Ambition defeating reason?


By Greg Brummel

The formation of the China-Kyrgyzstan-Uzbekistan transport corridor in emergency mode is not a breakthrough project, but a subject for political bargaining. You can easily verify this by studying the details of this entertaining initiative. It must be said that the attempt to revive this route, previously unpromising, even in the current geopolitical conditions looks like a stillborn project.

Its goal is clear – to build a new corridor for sanctioned goods along the China-Kyrgyzstan-Uzbekistan route, then to Turkmenistan and through the Caspian Sea to Russia. After all, this idea was voiced in the public sphere only after some Central Asian countries “tightened the screws” on the border, blocking smuggling channels for the delivery of dual-use goods. For Russia, in the face of sanctions, smuggling routes through Central Asia were a good way to reduce pressure on its economy. Therefore, when difficulties arose in crossing the Kazakh border, the idea arose to bypass it through Kyrgyzstan, Uzbekistan, Turkmenistan and the Caspian Sea.

Why is this project not being implemented in principle? Because Uzbekistan will also not allow smuggling through; it has agreements on this with Western countries. And even if it becomes a loophole for smugglers, it will be in demand only in the conditions of the war between Russia and Ukraine, which will end sooner or later. As a full-fledged trade route, the Southern Corridor will never achieve self-sufficiency.

Firstly, instead of one transit country, Kyrgyz carriers will have to overcome two, which makes logistics chains more complicated and increases the delivery leverage. Secondly, there are additional visa and trade fees along the route of goods.

Thirdly, we must not forget about the periodically arising tensions on the border of Kyrgyzstan and Uzbekistan. Over the years of independence, there have been skirmishes here more than once or twice, and only in recent years has it become calmer. However, there are too many contradictions in the region, including water and energy issues, to say with confidence that this route will not become a subject for political manipulation. The same Uzbekistan kept neighboring Tajikistan in isolation for a long time, essentially declaring a transport blockade on this country, thus expressing its disagreement with the construction of the Rogun hydroelectric power station, and not allowing goods for the construction of the hydroelectric power station to pass through. In matters of water use, Kyrgyzstan and Uzbekistan are also potential competitors. Kyrgyzstan rides on the headwaters of Central Asia’s largest rivers, using them to generate electricity, and Uzbekistan asks for this water for its agriculture. Therefore, potential investors need to keep this important aspect in mind.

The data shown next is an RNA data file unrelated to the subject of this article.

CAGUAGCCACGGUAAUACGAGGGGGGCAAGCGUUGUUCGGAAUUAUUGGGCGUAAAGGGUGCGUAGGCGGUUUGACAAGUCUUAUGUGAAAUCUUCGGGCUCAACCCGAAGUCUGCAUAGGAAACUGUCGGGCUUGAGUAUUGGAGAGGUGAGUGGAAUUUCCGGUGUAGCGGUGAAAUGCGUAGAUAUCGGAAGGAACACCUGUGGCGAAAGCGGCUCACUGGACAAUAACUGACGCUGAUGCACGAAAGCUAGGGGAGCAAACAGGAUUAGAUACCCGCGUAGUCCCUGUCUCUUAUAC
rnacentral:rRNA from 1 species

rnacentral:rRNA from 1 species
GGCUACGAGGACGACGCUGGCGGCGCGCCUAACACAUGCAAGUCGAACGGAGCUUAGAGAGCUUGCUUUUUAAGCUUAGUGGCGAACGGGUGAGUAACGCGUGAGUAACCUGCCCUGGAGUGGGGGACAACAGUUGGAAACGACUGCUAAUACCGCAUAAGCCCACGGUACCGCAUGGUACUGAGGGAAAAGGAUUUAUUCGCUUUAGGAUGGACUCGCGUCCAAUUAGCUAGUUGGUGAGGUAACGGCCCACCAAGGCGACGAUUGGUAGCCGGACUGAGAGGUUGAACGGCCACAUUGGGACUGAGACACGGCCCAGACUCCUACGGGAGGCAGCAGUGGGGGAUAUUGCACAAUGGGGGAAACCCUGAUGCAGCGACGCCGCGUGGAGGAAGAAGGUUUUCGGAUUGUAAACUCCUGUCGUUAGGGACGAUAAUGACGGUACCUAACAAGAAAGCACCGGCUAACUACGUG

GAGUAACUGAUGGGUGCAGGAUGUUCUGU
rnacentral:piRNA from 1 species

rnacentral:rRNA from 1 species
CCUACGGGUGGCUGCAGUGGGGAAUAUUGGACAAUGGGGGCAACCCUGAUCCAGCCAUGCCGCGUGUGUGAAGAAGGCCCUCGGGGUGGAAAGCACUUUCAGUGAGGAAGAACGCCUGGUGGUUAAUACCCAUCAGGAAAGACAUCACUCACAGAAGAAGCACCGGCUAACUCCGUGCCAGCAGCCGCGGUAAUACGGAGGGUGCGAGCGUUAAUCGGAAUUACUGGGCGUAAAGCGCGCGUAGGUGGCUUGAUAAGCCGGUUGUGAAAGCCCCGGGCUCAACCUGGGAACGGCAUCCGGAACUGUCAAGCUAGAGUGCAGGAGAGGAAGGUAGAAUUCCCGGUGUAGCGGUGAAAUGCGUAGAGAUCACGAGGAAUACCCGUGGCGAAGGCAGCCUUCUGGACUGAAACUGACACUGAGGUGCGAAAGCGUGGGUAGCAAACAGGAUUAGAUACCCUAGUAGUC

Fourthly, this follows. To launch a new trade route, it is not enough to show political will. We need funds. Kyrgyzstan, the initiator of this project, has no money; it can only be borrowed from China. And the amounts, apparently, will be considerable. Indeed, for the full launch of the Southern route, it will be necessary to build a modern route through the mountains to Uzbekistan, which always has a significant impact on the cost of construction, and also to cross the Caspian Sea, where there is no appropriate transport infrastructure.

If Russia finances this initiative, it will only be in terms of modernizing its ports. And so it has other more important routes that require colossal investments. For example, the Moscow-Xi’an highway. By bypassing Kazakhstan, this route will be extended by a thousand kilometers; moreover, it will be very difficult to construct, since it leads through the Altai Mountains. But it is still more attractive, since it allows you to diversify transit routes, solves the issue of connectivity of Russian regions, and in terms of making money on transit it looks more promising. Along this route, carriers from China will have to cross borders less often – on the way to Russia there is only Mongolia, while on the route through Kyrgyzstan there are as many as three countries, one of which, let’s not forget, is Turkmenistan, the most closed state in the world after the DPRK .